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Prison sentences and million-euro-damages for art forgery gang

Four people were slapped with custodial prison terms while two others received suspended sentences for their role in an art forgery scam. One person was declared innocent.

A Reidar Särestöniemi painting suspected by police to be a counterfeit. Image: Poliisi

The Pirkanmaa District Court has sentenced four people to prison terms for a large-scale art forgery scam that netted them 1.3 million euros. Two other defendants involved in the scheme received suspended prison sentences, while one other person was freed of all charges.

The criminal enterprise saw some 115 forged counterfeit artworks sold to more than 30 private and corporate buyers in 20 Finnish towns and cities over a period of more than 10 years.

The counterfeit crew was believed to have earned a total of some 1.3 million euros from sales of the bogus collector’s items.

The longest prison sentence handed down by the court was for aggravated fraud, aggravated forgery and fraud. One of the accused received an 18-month suspended sentence for aggravated money laundering and another drew a suspended 10-month sentence for aggravated fraud.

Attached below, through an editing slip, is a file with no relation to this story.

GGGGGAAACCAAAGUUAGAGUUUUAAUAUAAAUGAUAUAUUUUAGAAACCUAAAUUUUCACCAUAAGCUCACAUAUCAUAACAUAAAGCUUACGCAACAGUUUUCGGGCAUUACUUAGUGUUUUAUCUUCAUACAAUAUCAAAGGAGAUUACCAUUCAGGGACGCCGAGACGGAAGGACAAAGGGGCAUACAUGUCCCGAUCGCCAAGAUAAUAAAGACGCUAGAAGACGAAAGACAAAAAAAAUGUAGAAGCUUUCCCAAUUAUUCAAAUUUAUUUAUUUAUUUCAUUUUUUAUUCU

Court orders gang to pay 1.2 million in damages

The five defendants who appeared in court admitted to their roles in fencing the artwork, but denied knowing that they were forgeries. One person denied having anything to do with selling the paintings.

The convicted group have been called upon to pay damages to the tune of 1.2 million euros. A Lempäälä artist who had painted about 80 of the bogus works of art had previously received a suspended prison sentence in January 2017.

An analysis of the artwork by the Finnish National Gallery found all 115 to be forgeries. The paintings have since been confiscated and will be handed over to the state.

The phony pieces featured forged autographs by the famous artists purported to have created them, including Akseli Gallen-Kallela, Helene Schjerfbeck, Eero Järnefelt and Reidar Särestöniemi. The most expensive piece sold, a painting fraudulently signed by Gallen-Kallela, which depicts the Imatrankoski rapids, fetched a price of 135,000 from a private buyer.

The court began hearing the welter of charges in the case in March and wrapped up hearings in May. The sentences handed down are not yet enforceable as the defendants may appeal their verdicts.